Money players of today need to learn history AN AMERICAN HERO

April 15, 1997|By MILTON KENT

The natural tendency, during times like the commemoration of an event as significant as Jackie Robinson's cracking of baseball's color line, is to take stock of where we are, what has changed and how things are likely to look. And you've no doubt heard a lot in the past few weeks about how far sports and our society have come since April 15, 1947, the day Robinson took a tremendous leap of courage, the first of many he took.

But the distance we've traveled and the places we're likely to go are limited by the fact that most of the African-American athletes who have followed in Robinson's footsteps haven't built on his example of bravery.

In one sense, it's not a crime to come up short in comparison with Robinson.

His willingness to endure the worst humiliations that America could dish out was much more than most people, in or out of athletics, could take.

But his desire to see America live up to the meaning of its creed, and his ability to have his actions match his desire, were more than his modern-day successors are willing to attempt.

Where Robinson adopted important causes and spoke out on issues of the day, often taking unpopular stances, today's athlete keeps his mouth closed to society's problems, but his eyes open to every endorsement opportunity.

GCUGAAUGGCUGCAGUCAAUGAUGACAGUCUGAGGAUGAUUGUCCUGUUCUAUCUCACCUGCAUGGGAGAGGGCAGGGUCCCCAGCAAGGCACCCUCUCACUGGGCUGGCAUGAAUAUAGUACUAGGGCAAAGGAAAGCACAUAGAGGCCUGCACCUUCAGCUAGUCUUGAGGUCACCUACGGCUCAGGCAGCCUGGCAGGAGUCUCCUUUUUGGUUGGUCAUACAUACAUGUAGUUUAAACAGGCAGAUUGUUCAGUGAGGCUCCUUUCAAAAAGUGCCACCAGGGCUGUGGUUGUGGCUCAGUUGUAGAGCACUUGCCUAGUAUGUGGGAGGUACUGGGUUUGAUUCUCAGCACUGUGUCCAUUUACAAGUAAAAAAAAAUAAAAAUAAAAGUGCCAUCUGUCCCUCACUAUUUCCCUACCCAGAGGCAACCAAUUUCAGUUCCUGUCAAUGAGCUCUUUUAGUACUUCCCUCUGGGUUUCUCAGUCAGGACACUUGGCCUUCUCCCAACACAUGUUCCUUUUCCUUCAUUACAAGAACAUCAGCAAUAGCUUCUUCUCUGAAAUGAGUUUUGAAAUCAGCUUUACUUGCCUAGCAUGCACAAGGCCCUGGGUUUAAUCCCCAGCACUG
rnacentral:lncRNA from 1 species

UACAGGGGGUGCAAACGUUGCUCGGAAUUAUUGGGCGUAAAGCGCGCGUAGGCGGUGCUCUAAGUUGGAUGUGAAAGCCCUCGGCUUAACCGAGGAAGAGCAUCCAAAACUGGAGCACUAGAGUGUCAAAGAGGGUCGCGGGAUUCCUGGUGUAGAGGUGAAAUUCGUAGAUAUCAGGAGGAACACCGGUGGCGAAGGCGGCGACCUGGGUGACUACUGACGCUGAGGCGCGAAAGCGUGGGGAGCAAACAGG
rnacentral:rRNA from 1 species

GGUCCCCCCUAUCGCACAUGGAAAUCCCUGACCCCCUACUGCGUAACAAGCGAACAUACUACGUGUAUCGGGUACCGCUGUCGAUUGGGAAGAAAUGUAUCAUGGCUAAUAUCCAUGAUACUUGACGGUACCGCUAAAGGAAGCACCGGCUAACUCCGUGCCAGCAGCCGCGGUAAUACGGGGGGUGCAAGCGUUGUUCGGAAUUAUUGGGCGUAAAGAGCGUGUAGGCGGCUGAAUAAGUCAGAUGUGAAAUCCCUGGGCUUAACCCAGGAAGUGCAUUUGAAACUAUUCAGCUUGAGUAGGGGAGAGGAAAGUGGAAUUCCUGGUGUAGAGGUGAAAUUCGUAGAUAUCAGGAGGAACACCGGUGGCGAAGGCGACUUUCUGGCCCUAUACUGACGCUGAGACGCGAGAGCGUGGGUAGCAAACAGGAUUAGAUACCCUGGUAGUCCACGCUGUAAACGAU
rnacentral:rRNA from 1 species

If Deion Sanders - who has taken to wearing his socks high and his sleeves short like Robinson - really wanted to be like him, shouldn't Sanders tell us what he thinks of the racist prattlings of Cincinnati Reds owner Marge Schott, who just happens to sign one of his many checks?

When Charles Barkley says he's interested in running for governor of Alabama, is it because he wants to improve the state's education system, or because he wants to lower his own taxes?

And is there an African-American athlete alive who wears Nike - be it Scottie Pippen or Ken Griffey Jr. or Sheryl Swoopes or Jerry Rice or, yes, Michael Jordan - who protests the Big Swoosh's policy of operating Asian sweatshops or the company's decision to put its latest shoe on sale during a school day, thereby encouraging kids to cut class to get it?

The answers to all of the above questions are easy. With few exceptions, the modern African-American athlete has swallowed whatever courage he or she might have possessed for the love of money. It wasn't always that way. Robinson was an active and outspoken member of the NAACP in the '50s and '60s and came out for then-Vice President Richard Nixon in the 1960 presidential election because he perceived Nixon to be superior on civil rights to John F. Kennedy, hardly a popular stance.

The modern player takes his cue from Jordan, who had a chance to do the right thing in 1990, when North Carolina Sen. Jesse Helms, in a tough re-election fight with Harvey Gantt, the black former mayor of Charlotte, played the race card with a vicious ad ampaign. Jordan, who loves his home state so much that he wears Tar Heels practice shorts under his uniform, stood silently as Helms got away with it.

Unfortunately, the watchword for today's athlete - white or African-American - has become "Show me the money." Perhaps, as we find out what men like Jackie Robinson were really all about, his athletic offspring will become more interested in showing us the courage.

Milton Kent covers the media.

! Pub Date: 4/15/97

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